This is what has happened during creation: hunger. “Give me that from where I have been thrown out” is what the hunger is saying.  All right, you will be given it, provided you really want it. Who wants it? Your self should want it. The self, if it asserts itself as an independent thing, cannot come to you. Sarvaṁ tam parādād yo'nyatrātmano sarvaṁ veda (B.U. 2.4.6): Everything will run away from you if you consider it as outside yourself. That is why there is no friend in this world, because you are considering the friend as an outside object. However closely related he may be to you – your own brother, which is the closest relation you can think of – he is an independent individual. Your brother will not enter into you. He is standing outside through space. I mentioned just now that space segregates everything. The closest relationship is cut off. Brother and brother, father and son, husband and wife are artificially connected as if they are relatives, but they are really segregated by space. Space is the Ravana, and time is the Kumbhakarna. They will not give you peace of mind.

When we are hungry and thirsty, we are asking for earth and water. Why are we asking for earth and water? Because we are made up of earth and water. We are asking for the substance out of which we have been made but have been separated by space. That is the reason why even if you eat the earth and the water principle in this world, the separating principle of space will not permit you to be satisfied. So till death you have to go on eating, and even then there is not going to be satisfaction. You have to overcome space and time in order that you may get back to that original state from where you have been thrown. Then the gates of heaven will be opened.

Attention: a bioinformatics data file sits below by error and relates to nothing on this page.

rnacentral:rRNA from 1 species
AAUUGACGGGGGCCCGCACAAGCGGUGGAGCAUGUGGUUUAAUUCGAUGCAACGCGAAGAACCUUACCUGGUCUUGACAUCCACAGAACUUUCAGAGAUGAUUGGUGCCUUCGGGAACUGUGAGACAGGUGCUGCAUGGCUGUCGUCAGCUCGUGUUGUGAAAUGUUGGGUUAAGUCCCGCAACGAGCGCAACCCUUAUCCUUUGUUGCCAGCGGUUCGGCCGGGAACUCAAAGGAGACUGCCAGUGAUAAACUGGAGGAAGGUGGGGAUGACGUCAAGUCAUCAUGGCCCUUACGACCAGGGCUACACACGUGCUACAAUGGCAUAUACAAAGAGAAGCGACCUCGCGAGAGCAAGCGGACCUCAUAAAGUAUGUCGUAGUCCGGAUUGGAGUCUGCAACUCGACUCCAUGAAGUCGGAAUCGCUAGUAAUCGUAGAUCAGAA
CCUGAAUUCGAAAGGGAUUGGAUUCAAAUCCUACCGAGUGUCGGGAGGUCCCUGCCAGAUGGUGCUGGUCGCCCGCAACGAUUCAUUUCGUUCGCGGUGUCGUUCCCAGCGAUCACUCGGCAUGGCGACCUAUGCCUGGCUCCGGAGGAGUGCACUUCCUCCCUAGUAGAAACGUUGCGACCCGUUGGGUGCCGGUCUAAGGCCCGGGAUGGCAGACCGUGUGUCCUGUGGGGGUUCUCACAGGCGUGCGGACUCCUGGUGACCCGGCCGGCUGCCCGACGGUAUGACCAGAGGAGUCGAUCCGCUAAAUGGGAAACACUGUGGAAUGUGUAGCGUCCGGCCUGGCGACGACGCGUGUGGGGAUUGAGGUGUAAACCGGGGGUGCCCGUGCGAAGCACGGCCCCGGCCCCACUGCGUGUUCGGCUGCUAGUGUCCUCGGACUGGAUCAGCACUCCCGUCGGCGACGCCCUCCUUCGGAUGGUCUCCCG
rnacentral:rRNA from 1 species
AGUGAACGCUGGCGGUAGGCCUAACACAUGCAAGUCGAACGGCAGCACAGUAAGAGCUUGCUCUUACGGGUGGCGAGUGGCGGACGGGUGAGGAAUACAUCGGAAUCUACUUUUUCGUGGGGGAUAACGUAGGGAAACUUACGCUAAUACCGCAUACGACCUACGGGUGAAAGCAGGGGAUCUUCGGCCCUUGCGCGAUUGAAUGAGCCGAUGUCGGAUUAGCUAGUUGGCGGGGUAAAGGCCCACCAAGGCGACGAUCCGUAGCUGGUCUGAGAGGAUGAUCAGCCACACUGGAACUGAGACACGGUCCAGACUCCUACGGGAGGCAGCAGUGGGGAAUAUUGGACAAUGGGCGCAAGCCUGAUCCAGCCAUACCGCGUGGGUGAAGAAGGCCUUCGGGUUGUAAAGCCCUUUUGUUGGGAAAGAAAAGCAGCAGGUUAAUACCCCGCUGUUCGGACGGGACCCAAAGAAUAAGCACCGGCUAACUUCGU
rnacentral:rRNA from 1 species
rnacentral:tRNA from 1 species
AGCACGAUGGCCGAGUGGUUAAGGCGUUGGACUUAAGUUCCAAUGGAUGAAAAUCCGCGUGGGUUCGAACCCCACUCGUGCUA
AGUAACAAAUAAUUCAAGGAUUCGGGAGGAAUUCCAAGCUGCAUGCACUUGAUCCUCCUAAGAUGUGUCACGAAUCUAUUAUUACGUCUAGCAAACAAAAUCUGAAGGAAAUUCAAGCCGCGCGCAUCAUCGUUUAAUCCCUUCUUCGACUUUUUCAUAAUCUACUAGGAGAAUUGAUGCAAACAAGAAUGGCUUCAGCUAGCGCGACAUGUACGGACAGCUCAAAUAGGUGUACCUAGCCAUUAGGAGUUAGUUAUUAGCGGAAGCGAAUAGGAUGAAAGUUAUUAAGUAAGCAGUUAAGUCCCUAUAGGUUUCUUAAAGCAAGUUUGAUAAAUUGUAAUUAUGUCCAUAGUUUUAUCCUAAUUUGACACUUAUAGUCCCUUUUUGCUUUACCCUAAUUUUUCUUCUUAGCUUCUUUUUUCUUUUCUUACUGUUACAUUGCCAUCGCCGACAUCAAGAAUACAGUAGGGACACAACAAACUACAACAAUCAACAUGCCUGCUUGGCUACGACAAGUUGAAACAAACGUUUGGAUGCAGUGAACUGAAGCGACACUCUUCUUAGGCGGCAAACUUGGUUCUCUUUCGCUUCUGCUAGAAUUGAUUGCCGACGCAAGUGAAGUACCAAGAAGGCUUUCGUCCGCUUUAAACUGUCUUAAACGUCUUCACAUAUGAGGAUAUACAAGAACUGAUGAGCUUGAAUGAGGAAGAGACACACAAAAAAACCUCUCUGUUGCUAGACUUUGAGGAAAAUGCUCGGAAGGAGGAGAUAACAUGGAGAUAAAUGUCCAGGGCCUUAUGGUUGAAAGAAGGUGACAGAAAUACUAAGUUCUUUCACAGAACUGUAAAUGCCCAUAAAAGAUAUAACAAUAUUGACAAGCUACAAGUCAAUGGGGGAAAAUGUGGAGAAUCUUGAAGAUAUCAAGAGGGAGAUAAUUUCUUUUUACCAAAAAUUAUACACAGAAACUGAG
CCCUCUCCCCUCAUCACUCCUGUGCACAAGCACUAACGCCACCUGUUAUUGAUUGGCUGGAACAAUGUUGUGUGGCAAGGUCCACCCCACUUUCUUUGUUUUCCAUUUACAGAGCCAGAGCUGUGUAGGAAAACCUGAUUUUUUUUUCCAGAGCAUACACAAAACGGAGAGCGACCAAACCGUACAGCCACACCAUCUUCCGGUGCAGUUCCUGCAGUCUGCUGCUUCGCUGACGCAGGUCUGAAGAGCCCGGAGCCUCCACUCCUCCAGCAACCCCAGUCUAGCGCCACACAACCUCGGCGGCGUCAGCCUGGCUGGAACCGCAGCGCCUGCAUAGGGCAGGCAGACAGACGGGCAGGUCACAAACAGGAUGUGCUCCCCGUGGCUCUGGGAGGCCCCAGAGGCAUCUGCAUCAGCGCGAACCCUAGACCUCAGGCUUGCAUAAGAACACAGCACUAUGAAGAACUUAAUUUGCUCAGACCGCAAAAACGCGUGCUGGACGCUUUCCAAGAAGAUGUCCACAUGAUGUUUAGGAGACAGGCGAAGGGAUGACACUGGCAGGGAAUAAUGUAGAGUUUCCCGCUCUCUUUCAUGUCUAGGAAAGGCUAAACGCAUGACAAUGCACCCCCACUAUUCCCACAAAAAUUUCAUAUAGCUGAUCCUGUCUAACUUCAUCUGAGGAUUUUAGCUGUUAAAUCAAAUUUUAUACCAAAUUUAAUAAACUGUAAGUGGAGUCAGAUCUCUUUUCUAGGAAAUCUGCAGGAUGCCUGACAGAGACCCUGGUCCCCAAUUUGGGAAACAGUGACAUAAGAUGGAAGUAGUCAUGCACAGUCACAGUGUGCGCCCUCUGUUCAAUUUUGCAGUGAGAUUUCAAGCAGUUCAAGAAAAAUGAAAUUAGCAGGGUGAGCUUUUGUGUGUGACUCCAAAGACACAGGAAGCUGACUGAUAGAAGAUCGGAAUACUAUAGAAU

Rama had to defeat Kumbhakarna and Ravana both. I gave an example: Ravana and Kumbhakarna are this space and time. Formidable enemies, they will never allow you to think correctly. Everything is outside for us. Don’t you think it is like that? Everything is outside; there is nothing inside us. This is what the space is telling you; and time is telling you, “Fellow, I will destroy you one day.” The fear of death comes. The sense of limitation and helplessness is due to the space operating in a distracting manner, and the fear of destruction and death is due to the time process. Time is the all-devouring destroyer.